Many such opportunities exist in the development of nickel-based superalloy turbine disks. Over the years, companies producing these critical engine components have simulated many operations in addition to forging. Objectives have included grain-size characterization from billet through aging, residual-stress prediction from solution anneal through quenching and spin-test modeling of a forged part.
A recent study on a common turbine-disk forging is used to illustrate advanced process-chain modeling. Initial simulations evaluated the impact of process design on microstructure and strength. A multiple-step forging sequence was found to provide better properties than a single-step forging operation (Fig. 3). Later simulations investigated over 100 samples across seven forging and heat-treatment operations using design of experiments (DOE) methods. They helped users optimize the average grain size present in the critical region of the forging (Fig. 4).
The single greatest benefit of process-chain modeling may be the wealth of information that it provides. Much of this information may not be available using traditional simulation approaches. For instance, forging trials can be reverse-engineered and correlated with simulation. This improves simulation accuracy and provides a deeper understanding of the process. Also, new ideas can be evaluated in a robust and safe “virtual” environment. The software can easily handle even the most radical setups. This allows risk to be minimized. It is also helpful when one must “make their case” in the regular manufacturing meeting. Extensive studies can be performed using DOE or optimization methods. They allow valuable information about an objective to be collected quickly and easily. Many design iterations can be evaluated in the time that it takes to cut a single tool.
Process-chain modeling and DOE are also helpful in improving established process and die designs. They provide the ability to examine the sensitivity of a critical output to specific input variables. This can help the user understand “what to control” during production. It will clearly indicate what may or may not have a large influence on results. The combination also provides the ability to examine risks during manufacturing. This can help the user understand what to avoid during production. For example, statistical analysis can help users determine if they will avoid an unacceptable combination of input variables. This is useful because an “optimized” parameter isn’t very beneficial if the process is not robust.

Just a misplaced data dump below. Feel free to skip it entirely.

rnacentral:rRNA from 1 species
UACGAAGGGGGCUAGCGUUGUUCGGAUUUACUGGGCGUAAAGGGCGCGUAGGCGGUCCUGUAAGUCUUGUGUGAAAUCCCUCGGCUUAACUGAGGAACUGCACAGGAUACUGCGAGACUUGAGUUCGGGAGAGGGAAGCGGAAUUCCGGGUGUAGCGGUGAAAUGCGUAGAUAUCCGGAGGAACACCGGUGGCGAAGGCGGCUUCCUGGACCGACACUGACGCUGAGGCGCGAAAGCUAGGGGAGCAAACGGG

Customer requirements are always evolving. They are driven by the need for higher-performing systems. Forgers must meet these goals while determining the best conditions for economical and efficient production. Simulation will continue to take a critical role in the development of forging and beyond. Modeling tools supporting multiple-operation chains are essential to this task. To be effective, simulation software must be efficient, capable and informative. It should be flexible enough to adapt to new iterations, operations or process types. Support for integrating microstructure modeling, DOE and optimization is ideal.
Future simulation tools will build upon the state-of-the-art framework found in today’s software. Material modeling will be the thread through the process chain, with developments continuing for decades. Tools will provide the ability to span operations from initial casting through the final part in service. DOE and optimization will gain widespread use in the study of material, geometry or process changes on system performance. Probabilistic events will be considered, allowing outliers to be factored into development decisions. Finally, in-service product-life predictions will include the manufacturing history. Objectives in forging design will continue to move further downstream in the process chain for years to come.
Co-author Jim Miller is principal research scientist at Scientific Forming Technologies Corporation (SFTC), Columbus, Ohio. He may be reached at 614-451-8330 or firstname.lastname@example.org. Co-author John Walters is vice president of SFTC and a frequent contributor to FORGE. He may be reached at 614-451-8330 or email@example.com.